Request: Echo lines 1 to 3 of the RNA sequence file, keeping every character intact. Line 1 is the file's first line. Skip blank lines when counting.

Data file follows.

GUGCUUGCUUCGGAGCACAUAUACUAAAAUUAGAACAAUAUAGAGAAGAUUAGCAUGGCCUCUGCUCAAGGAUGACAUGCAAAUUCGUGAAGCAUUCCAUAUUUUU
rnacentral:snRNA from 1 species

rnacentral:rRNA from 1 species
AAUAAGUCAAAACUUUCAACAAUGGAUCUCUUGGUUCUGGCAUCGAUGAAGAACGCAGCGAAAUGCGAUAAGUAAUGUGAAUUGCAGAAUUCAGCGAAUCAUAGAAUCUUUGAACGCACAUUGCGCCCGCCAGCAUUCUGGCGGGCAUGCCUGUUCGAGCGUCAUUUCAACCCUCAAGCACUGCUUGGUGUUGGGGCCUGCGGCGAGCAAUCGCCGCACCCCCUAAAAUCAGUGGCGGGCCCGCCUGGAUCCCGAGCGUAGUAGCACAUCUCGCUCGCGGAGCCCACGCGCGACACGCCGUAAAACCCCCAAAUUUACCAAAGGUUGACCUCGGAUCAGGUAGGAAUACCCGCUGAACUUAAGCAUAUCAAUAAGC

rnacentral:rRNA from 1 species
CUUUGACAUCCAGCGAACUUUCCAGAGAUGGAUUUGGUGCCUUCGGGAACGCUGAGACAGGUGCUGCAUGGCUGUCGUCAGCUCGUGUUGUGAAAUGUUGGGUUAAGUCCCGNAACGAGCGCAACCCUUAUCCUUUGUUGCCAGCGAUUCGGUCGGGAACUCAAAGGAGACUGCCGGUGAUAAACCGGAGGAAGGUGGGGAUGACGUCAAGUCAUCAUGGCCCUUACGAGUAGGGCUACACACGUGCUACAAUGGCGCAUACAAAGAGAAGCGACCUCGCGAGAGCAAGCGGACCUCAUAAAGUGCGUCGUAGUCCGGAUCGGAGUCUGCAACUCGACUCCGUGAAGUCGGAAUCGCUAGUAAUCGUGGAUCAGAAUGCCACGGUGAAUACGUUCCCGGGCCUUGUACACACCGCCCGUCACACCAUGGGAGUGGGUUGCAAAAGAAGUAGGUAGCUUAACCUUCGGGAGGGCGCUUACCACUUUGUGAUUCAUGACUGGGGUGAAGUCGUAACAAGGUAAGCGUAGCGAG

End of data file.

GUGCUUGCUUCGGAGCACAUAUACUAAAAUUAGAACAAUAUAGAGAAGAUUAGCAUGGCCUCUGCUCAAGGAUGACAUGCAAAUUCGUGAAGCAUUCCAUAUUUUU
rnacentral:snRNA from 1 species

rnacentral:rRNA from 1 species